Second Century Growth

by Katie Lee

— Interview by Katie Lee —


As A&W approaches the second year of its second century of operation, it looks to a promising future while also honoring its iconic past.


With almost 1,000 locations open in the U.S. and Asia, A&W Restaurants — which first introduced its famous root beer in 1919 — knows a thing or two about growth and longevity. In its first 100 years, A&W weathered every up and down that a restaurant could face. Early in 2020, Retail & Restaurant Facility Business interviewed Paul Martino, president and COO of A&W Restaurants, to learn more about the iconic restaurant company’s plans for its next 100 years.

R&R: How many restaurants does A&W operate today? How many new locations opened in 2019, and what is the growth forecast for 2020?

Paul Martino, A&W Restaurants

Paul Martino: A&W serves guests in nearly 1,000 restaurants in the United States and Asia. Approximately 570 of those are in the U.S., with nearly 100 in gas and convenience stores.

We are the only major U.S. restaurant chain that is entirely owned by its franchise partners. Every location, except for the new prototype/learning center in Richmond, Kentucky, and four restaurants in Lexington, Kentucky, is operated by a franchise partner.

More than 70 new locations have joined the A&W family since franchisees purchased the chain from Yum! Brands in December 2011, with seven opening last year. A dozen are in various stages of development.

While many A&Ws are co-branded with KFC or Long John Silver’s, our focus now is on building primarily single-brand, stand-alone restaurants with drive-thrus.

R&R: Tell me a little about the history of the company and why 2019 was a key year, in addition to it being A&W’s centennial.

Martino: In June 1919, Roy Allen set up a roadside root beer drink stand in Lodi, California, at a parade in honor of returning World War I veterans. Allen and partner Frank Wright named it A&W Root Beer.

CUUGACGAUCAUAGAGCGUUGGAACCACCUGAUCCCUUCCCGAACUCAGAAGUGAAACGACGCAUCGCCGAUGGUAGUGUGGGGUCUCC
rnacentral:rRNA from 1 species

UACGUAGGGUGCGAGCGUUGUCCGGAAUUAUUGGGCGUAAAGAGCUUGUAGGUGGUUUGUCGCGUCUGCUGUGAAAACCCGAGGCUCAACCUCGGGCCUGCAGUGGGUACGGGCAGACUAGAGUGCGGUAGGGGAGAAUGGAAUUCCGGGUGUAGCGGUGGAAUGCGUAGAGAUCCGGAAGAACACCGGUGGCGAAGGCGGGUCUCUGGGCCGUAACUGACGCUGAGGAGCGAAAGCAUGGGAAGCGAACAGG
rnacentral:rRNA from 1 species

A few years later, Allen bought out Wright’s interest and started franchising roadside stands, making A&W America’s oldest franchised restaurant chain.

We’ve survived recessions, depressions, sugar shortages, global unrest, nearly a dozen corporate ownership changes and an explosion of competitors. Through it all, a tenacious group of root beer-loving franchise owners fought to keep the doors to their hometown A&Ws open — even when the odds were stacked against them like a Papa Burger.

Today, A&W Root Beer is the bestselling root beer worldwide, holding a unique place in America’s food culture and history. We made root beer floats a household treat and popularized the drive-in restaurant.

2019 was a milestone year as our system experienced sales growth for the eighth straight year, with same-store-sales up 2.6%. Since we acquired the brand in late 2011, same-store-sales are up over 38%. In 2019 our new restaurants set sales records, with the most recent new units reporting average first month sales in excess of $200,000.

We’ve worked very hard to remain culturally relevant, while staying true to our roots, so to speak. For example, last year we introduced trendy new products, such as Sriracha Cheese Curds and plant-based Beyond Burgers, which exceeded sales expectations.

We launched a “Second Century Growth Initiative” with reduced royalties for new U.S. franchise partners in 2019, and a number of operators successfully converted other brands’ facilities into A&Ws. We are very proud that Franchise Business Review designated A&W a Top Food Franchise to Buy in 2019 and an overall Top Franchise in 2020

R&R: What makes the first freestanding Gen19 restaurant different?